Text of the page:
Preservationists in Twin Peaks, San Francisco, were aghast this past December when it came to light that much of a 1935 home designed by Richard Neutra had been illegally demolished months prior. Owner Ross Johnston had purchased the 1,300-square-foot 49 Hopkins Avenue—also known as the Largent House—for $1.7 million with plans to replace it with a 4,000-square-foot mega-mansion in 2017. Only the home’s garage door and frame still stand today, but on December 13, the City Planning Commission unanimously ruled that Johnston must build an exact replica of the house, as well as a plaque detailing the building’s history. The Largent House was one of only five buildings designed by Neutra in San Francisco. The two-story, whitewashed-concrete-block and redwood-timber building made ample use of glass bricks to let in natural light and included a greenhouse-like glass topper to enclose an indoor pool. The plague of illegal demolitions by San Franciscan homeowners hoping to build big or flip the property is widespread, and punitive repercussions are rare. The city is in the middle of a housing crisis, and when faced with the option of forbidding offenders from building on the demoed lot, the Planning Commission has let homeowners off the hook. Not this time. Johnson applied for a demolition permit and permission to build his new house two months after the home was razed, arguing that a fire in 1968 and remodels throughout the 1980s and ’90s had removed the home’s architectural significance. Rather than flipping the plot of land, Johnson claims that he was only building something that could accommodate his six-person family and that the demo was undertaken for safety and quality of life reasons. The Planning Commission disagreed, and in a 5-0 vote, ordered Johnson to rebuild the Largent House. Planning Commissioner Dennis Richards hopes that the move, along with the recently proposed Housing Preservation and Expansion Reform Act, which harshly penalizes illegal demolitions, would help curb speculation in the housing market. “The fact that it was a unanimous vote should send a message to everyone that is playing fast and loose that the game is over,” Peskin told the San Francisco Chronicle. “We want to preserve iconic, historic structures, but even more important, we want to protect our reservoir of more affordable housing stock. You want a 1,300-square-foot house to be worth what a 1,300-square-foot house is worth, rather than a mega-mansion.” Unfortunately, this isn’t a shocking story in 2018, as a number of architecturally significant homes, including a Venturi Scott Brown–designed house in Pittsburgh, faced under-the-radar demolitions and renovations.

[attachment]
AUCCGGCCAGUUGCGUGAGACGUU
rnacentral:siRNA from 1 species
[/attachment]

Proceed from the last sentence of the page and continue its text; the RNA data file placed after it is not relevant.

"Lina Bardi, only today I have been able to visit your museum. It's very beautiful. The best and most beautiful museum I know." Oscar Niemeyer’s letter to Lina, which reminds us that the most renowned Brazilian architect was actually exiled from his own country between 1967 and 1980, was written after he visited MASP for the first time on October 16, 1987, actually nineteen years after the museum opening. Intriguingly enough, this brief letter is a part of a kind of pop-up exhibition at the Instituto Bardi-Casa de Vidro to celebrate the 50th anniversary of the museum. Jointly with the exhibition, a seminar involving several international Lina scholars—including Zeuler R. Lima, Olivia de Oliveira, Barry Bergdoll, and others—as well as Lina’s former collaborators Marcelo Ferraz and Marcelo Suzuki, has been organized by MASP. A holistic outcome of the joint work by architect Lina Bo with her husband, director Pietro Bardi—whom the historiographical recovery is urgent by now on, after the international success finally achieved by sometimes even mythologized Lina—MASP is a masterpiece developed through a series of experimental articulations, starting from the so-called MASP Sete de Abril, installed by Bo & Bardi since 1947 in the Diários Associados newspaper headquarter. Among MASP references, it is worth mentioning the Museums without limits conceptual framework by Pietro (1946), later continued by Lina in 1951. Officially begun in 1957, the MASP project waved up and down through phases across a series of significantly exciting side-works carried on between 1959 to 1964, when Lina met Afro-Brasil in Salvador de Bahia, to finally develop a pioneering research beyond Eurocentric Modernism. Sponsored by media tycoon Assis Chateaubriand, MASP was conceived to be the most important art museum—for Art to mean Western Art—in Latin America. Within a military-run Brazil, MASP opened on November 7, 1968, by the hands of the greatest heir of colonialism, H.M. Queen Elizabeth II of Great Britain, on the occasion of her official visit to Brasil; this happened in the closest eminence of the dictatorship, for the AI-5 (Institutional Act no.5) issuing several human rights restrictions dating December 13, 1968. Today one can still perceive the strong contrast between the suspended box along the Paulista Avenue—unanimously recognized as an International Modernist legacy—and the immersive interior landscape, for the glass easels' groundbreaking display to mix artworks and visitors into an innovative “democratic” environment. This latter may even evoke the “un-linear timeline” of which Lina wrote, arguably a critical link with artworks belonging to the other side of the Ocean. The remarkable visual connection between the inner museum display and the city outside is one more of Lina’s valuable contributions to shift from the modernist “white box” museum that was starting to be code-designed at that time, and to a new site-specific perspective. Technically, thanks to the collaboration of engineer José Carlos Figueiredo Ferraz, MASP consists of a prestressed (reinforced) concrete structure—as for instance in the Morandi Bridge of Genoa (Italy) but, unlike that, today carefully monitored thanks to the "Keeping It Modern" project granted by Getty Foundation. It is reasonably no coincidence that—behind the title borrowed from a famous song by Gilberto Gil—the exhibition "Infinito vão [Infinite Span] - 90 years of architecture in Brazil" presently at Casa dell'Architettura of Matosinhos in Portugal, today recognizes the MASP public space with a 70-meter span invented by migrants couple Bo & Bardi as a crucial issue belonging to Brazilian architecture DNA. While a new book—actually authored by Daniele Pisani—is announced to unveil some new issues about MASP, it is time to see whether the hope for Brazilian museums to become centers for the promotion of democratic values—according to a written side-thought by curator Fernanda Brenner after visiting a MASP exhibition—will turn real after recent elections brought one more far-right fellow to run the country in Brazil. MASP International Seminar conferences available online: